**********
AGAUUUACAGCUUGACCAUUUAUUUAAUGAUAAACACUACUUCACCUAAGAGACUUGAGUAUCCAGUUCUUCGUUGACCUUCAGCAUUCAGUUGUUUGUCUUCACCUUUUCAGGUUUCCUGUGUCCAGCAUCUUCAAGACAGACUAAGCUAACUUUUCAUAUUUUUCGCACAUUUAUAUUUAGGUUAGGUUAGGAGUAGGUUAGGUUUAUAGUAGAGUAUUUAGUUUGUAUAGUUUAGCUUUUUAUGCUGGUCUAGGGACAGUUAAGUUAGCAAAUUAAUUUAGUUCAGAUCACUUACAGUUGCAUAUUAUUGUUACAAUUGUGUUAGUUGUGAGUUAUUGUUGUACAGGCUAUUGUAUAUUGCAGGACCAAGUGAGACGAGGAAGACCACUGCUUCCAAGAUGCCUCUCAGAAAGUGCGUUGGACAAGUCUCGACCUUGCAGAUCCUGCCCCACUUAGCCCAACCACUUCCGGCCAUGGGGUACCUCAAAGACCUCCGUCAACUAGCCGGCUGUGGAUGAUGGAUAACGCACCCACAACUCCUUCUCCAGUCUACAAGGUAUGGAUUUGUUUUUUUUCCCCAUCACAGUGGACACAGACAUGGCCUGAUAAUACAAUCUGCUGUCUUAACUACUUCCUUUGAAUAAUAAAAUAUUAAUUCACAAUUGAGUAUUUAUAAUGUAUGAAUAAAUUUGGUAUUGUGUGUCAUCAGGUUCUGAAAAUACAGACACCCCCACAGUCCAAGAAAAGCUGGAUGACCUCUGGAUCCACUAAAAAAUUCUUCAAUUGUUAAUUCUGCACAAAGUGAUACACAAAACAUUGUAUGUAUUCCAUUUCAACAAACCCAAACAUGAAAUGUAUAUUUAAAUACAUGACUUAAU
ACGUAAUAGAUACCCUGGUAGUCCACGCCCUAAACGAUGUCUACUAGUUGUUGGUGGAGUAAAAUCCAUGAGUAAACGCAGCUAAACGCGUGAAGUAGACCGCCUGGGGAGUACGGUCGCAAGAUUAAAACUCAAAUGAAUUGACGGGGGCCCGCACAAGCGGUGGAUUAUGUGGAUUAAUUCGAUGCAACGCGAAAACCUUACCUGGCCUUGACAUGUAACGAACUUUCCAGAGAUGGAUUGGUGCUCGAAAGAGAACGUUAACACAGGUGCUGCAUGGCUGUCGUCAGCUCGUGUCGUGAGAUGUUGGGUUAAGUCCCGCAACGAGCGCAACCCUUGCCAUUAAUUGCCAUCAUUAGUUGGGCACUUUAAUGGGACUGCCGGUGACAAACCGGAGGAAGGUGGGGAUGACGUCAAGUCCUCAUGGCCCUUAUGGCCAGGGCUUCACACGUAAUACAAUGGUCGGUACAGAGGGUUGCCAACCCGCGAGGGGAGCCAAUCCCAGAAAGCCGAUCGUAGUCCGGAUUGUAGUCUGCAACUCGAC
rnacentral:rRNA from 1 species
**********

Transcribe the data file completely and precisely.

AGAUUUACAGCUUGACCAUUUAUUUAAUGAUAAACACUACUUCACCUAAGAGACUUGAGUAUCCAGUUCUUCGUUGACCUUCAGCAUUCAGUUGUUUGUCUUCACCUUUUCAGGUUUCCUGUGUCCAGCAUCUUCAAGACAGACUAAGCUAACUUUUCAUAUUUUUCGCACAUUUAUAUUUAGGUUAGGUUAGGAGUAGGUUAGGUUUAUAGUAGAGUAUUUAGUUUGUAUAGUUUAGCUUUUUAUGCUGGUCUAGGGACAGUUAAGUUAGCAAAUUAAUUUAGUUCAGAUCACUUACAGUUGCAUAUUAUUGUUACAAUUGUGUUAGUUGUGAGUUAUUGUUGUACAGGCUAUUGUAUAUUGCAGGACCAAGUGAGACGAGGAAGACCACUGCUUCCAAGAUGCCUCUCAGAAAGUGCGUUGGACAAGUCUCGACCUUGCAGAUCCUGCCCCACUUAGCCCAACCACUUCCGGCCAUGGGGUACCUCAAAGACCUCCGUCAACUAGCCGGCUGUGGAUGAUGGAUAACGCACCCACAACUCCUUCUCCAGUCUACAAGGUAUGGAUUUGUUUUUUUUCCCCAUCACAGUGGACACAGACAUGGCCUGAUAAUACAAUCUGCUGUCUUAACUACUUCCUUUGAAUAAUAAAAUAUUAAUUCACAAUUGAGUAUUUAUAAUGUAUGAAUAAAUUUGGUAUUGUGUGUCAUCAGGUUCUGAAAAUACAGACACCCCCACAGUCCAAGAAAAGCUGGAUGACCUCUGGAUCCACUAAAAAAUUCUUCAAUUGUUAAUUCUGCACAAAGUGAUACACAAAACAUUGUAUGUAUUCCAUUUCAACAAACCCAAACAUGAAAUGUAUAUUUAAAUACAUGACUUAAU
ACGUAAUAGAUACCCUGGUAGUCCACGCCCUAAACGAUGUCUACUAGUUGUUGGUGGAGUAAAAUCCAUGAGUAAACGCAGCUAAACGCGUGAAGUAGACCGCCUGGGGAGUACGGUCGCAAGAUUAAAACUCAAAUGAAUUGACGGGGGCCCGCACAAGCGGUGGAUUAUGUGGAUUAAUUCGAUGCAACGCGAAAACCUUACCUGGCCUUGACAUGUAACGAACUUUCCAGAGAUGGAUUGGUGCUCGAAAGAGAACGUUAACACAGGUGCUGCAUGGCUGUCGUCAGCUCGUGUCGUGAGAUGUUGGGUUAAGUCCCGCAACGAGCGCAACCCUUGCCAUUAAUUGCCAUCAUUAGUUGGGCACUUUAAUGGGACUGCCGGUGACAAACCGGAGGAAGGUGGGGAUGACGUCAAGUCCUCAUGGCCCUUAUGGCCAGGGCUUCACACGUAAUACAAUGGUCGGUACAGAGGGUUGCCAACCCGCGAGGGGAGCCAAUCCCAGAAAGCCGAUCGUAGUCCGGAUUGUAGUCUGCAACUCGAC
rnacentral:rRNA from 1 species